a sign of social progress, I say. It is a primitive society indeed
where people eat the currency unit. This is especially true in
societies where women are money.

Money is
the most marketable commodity. A marketable commodity has five

  1. Portability
  2. Recognizability
  3. Durability
  4. Divisibility
  5. High
    value in relation to weight/volume

Note: point
four is a real hindrance to societies in which women are money.

Gold has
long served as money because it has all five characteristics.
But gold substitutes have become popular: bank notes, letters
of credit, credit cards, and Federal Reserve Notes. Gold is heavy.
It is risky to transport. It is quite valuable, so making change
is a problem. But the fact that it is inedible was never a downside
of the gold standard.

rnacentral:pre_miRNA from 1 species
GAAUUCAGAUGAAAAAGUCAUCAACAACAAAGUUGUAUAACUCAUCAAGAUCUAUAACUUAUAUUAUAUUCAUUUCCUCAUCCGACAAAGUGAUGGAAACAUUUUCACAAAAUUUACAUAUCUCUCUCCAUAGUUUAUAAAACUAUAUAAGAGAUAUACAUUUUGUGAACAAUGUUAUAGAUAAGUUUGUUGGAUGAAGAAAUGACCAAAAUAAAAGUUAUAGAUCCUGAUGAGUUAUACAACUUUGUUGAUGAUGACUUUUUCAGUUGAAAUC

There is
one major reason: the conditions that favored their popularity
fade. There are two ways that changing conditions kill a slogan:
(1) by removing any need to challenge the slogan; (2)
by destroying the believability of the slogan. In other words,
a slogan fades when the sloganeers completely win or completely

In the case
of "We owe it to ourselves," the fading came because
nobody with any influence challenged the growth of federal debt
after 1941. The supply-side economists in the 1980s announced
that "deficits don’t matter." The Keynesians had always
believed that deficits do matter most of the time: positively.
"The larger the better in recessions, and don’t worry about
them during the boom." The monetarists believed, "deficits
don’t matter at the margin." But the economy is always operating
at the margin. This calms the monetarists. Only the Austrian school
kept yelling that deficits do matter. Nobody listened.

can’t eat gold" faded for two reasons: (1) nobody except
the Austrians defended the gold standard after Nixon ended it;
(2) the legalization of gold ownership for Americans came in 1974,
after which gold was just another commodity, as far as most financially
alert people were concerned. "You can’t eat gold" was
no more relevant in a debate over monetary policy than "You